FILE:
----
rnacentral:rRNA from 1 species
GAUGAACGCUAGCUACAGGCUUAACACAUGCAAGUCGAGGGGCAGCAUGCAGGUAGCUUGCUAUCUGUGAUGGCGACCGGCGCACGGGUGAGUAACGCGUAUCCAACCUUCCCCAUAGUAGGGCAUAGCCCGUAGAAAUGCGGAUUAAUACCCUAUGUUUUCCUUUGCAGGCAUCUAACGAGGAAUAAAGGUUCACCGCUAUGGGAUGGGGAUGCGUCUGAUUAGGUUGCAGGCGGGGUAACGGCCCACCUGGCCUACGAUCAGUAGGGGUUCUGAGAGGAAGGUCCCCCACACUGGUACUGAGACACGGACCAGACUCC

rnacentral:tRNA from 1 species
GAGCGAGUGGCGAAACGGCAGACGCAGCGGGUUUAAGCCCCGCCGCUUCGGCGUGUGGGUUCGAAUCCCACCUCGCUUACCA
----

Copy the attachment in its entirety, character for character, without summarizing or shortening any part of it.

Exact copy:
rnacentral:rRNA from 1 species
GAUGAACGCUAGCUACAGGCUUAACACAUGCAAGUCGAGGGGCAGCAUGCAGGUAGCUUGCUAUCUGUGAUGGCGACCGGCGCACGGGUGAGUAACGCGUAUCCAACCUUCCCCAUAGUAGGGCAUAGCCCGUAGAAAUGCGGAUUAAUACCCUAUGUUUUCCUUUGCAGGCAUCUAACGAGGAAUAAAGGUUCACCGCUAUGGGAUGGGGAUGCGUCUGAUUAGGUUGCAGGCGGGGUAACGGCCCACCUGGCCUACGAUCAGUAGGGGUUCUGAGAGGAAGGUCCCCCACACUGGUACUGAGACACGGACCAGACUCC

rnacentral:tRNA from 1 species
GAGCGAGUGGCGAAACGGCAGACGCAGCGGGUUUAAGCCCCGCCGCUUCGGCGUGUGGGUUCGAAUCCCACCUCGCUUACCA